Image: Slava

Despite the consciousness-raising impact of the war in Ukraine on the New York restaurant scene last year, no new restaurants specializing in the foods of the motherland initially opened. In November, that changed when Slava opened on the site that was previously the Pegu Club.

The menu hews mostly to the rib-sticking dishes of the region but oftentimes with a twist. Chicken Kyiv, as a case in point, is reimagined as a fried chicken sandwich that arrives on a brioche bun with aoïli, pickled carrots, lettuce, and hot sauce. A duck leg is confited and offered up in the company of a deep-fried potato “gratin” shaped on a spiralizer.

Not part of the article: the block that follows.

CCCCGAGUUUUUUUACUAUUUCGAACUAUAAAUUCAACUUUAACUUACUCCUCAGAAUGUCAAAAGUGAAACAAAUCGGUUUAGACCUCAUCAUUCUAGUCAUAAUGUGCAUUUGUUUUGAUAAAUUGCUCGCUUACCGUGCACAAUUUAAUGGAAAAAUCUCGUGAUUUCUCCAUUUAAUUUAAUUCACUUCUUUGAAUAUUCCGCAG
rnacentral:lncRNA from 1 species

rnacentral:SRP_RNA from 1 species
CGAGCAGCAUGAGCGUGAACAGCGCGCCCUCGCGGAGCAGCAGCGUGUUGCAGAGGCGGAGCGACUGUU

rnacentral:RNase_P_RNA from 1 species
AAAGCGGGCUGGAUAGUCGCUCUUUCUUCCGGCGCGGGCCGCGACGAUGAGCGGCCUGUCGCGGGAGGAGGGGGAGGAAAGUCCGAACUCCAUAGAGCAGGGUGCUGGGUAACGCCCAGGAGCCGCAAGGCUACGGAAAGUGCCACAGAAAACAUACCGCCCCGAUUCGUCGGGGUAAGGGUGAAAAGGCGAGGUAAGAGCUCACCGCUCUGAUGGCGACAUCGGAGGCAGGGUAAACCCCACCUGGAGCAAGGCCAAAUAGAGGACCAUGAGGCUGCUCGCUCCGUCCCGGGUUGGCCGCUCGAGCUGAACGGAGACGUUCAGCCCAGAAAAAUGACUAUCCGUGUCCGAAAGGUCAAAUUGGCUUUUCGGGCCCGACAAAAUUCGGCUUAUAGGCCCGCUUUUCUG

Some dishes cross cultural boundaries. Witness a Ukrainian caprese salad in which brinza, a sheep milk cheese, stands in for the mozzarella. A Ukrainian ceviche is done with flounder, accented with garlic, dill, and chives.

Like its predecessor, Slava boasts a robust and often inventive cocktail program that includes a clarified borscht cocktail, 20% of the proceeds of which go to “Revived Soldiers Ukraine,” a not-for-profit.

Slava is part of a battle cry that translates to “glory to Ukraine!”

Slava, 77 West Houston Street (bet. Wooster St. and W. Broadway), 929-531-9779.

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